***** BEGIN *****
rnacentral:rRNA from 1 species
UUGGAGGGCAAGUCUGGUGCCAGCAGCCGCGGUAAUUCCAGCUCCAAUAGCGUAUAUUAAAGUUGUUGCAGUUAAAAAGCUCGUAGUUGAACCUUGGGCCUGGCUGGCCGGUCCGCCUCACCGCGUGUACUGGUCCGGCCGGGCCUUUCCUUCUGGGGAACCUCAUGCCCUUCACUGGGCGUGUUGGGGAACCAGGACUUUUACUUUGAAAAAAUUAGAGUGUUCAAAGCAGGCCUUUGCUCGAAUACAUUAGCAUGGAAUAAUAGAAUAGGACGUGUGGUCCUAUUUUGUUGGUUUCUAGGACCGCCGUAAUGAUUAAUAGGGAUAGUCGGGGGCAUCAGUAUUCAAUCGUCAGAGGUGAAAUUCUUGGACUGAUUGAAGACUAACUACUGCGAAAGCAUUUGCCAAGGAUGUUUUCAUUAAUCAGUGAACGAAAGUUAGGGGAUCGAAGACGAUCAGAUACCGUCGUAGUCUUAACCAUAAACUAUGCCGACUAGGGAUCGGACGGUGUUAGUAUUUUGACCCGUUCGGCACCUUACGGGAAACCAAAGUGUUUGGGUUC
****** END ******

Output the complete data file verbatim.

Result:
rnacentral:rRNA from 1 species
UUGGAGGGCAAGUCUGGUGCCAGCAGCCGCGGUAAUUCCAGCUCCAAUAGCGUAUAUUAAAGUUGUUGCAGUUAAAAAGCUCGUAGUUGAACCUUGGGCCUGGCUGGCCGGUCCGCCUCACCGCGUGUACUGGUCCGGCCGGGCCUUUCCUUCUGGGGAACCUCAUGCCCUUCACUGGGCGUGUUGGGGAACCAGGACUUUUACUUUGAAAAAAUUAGAGUGUUCAAAGCAGGCCUUUGCUCGAAUACAUUAGCAUGGAAUAAUAGAAUAGGACGUGUGGUCCUAUUUUGUUGGUUUCUAGGACCGCCGUAAUGAUUAAUAGGGAUAGUCGGGGGCAUCAGUAUUCAAUCGUCAGAGGUGAAAUUCUUGGACUGAUUGAAGACUAACUACUGCGAAAGCAUUUGCCAAGGAUGUUUUCAUUAAUCAGUGAACGAAAGUUAGGGGAUCGAAGACGAUCAGAUACCGUCGUAGUCUUAACCAUAAACUAUGCCGACUAGGGAUCGGACGGUGUUAGUAUUUUGACCCGUUCGGCACCUUACGGGAAACCAAAGUGUUUGGGUUC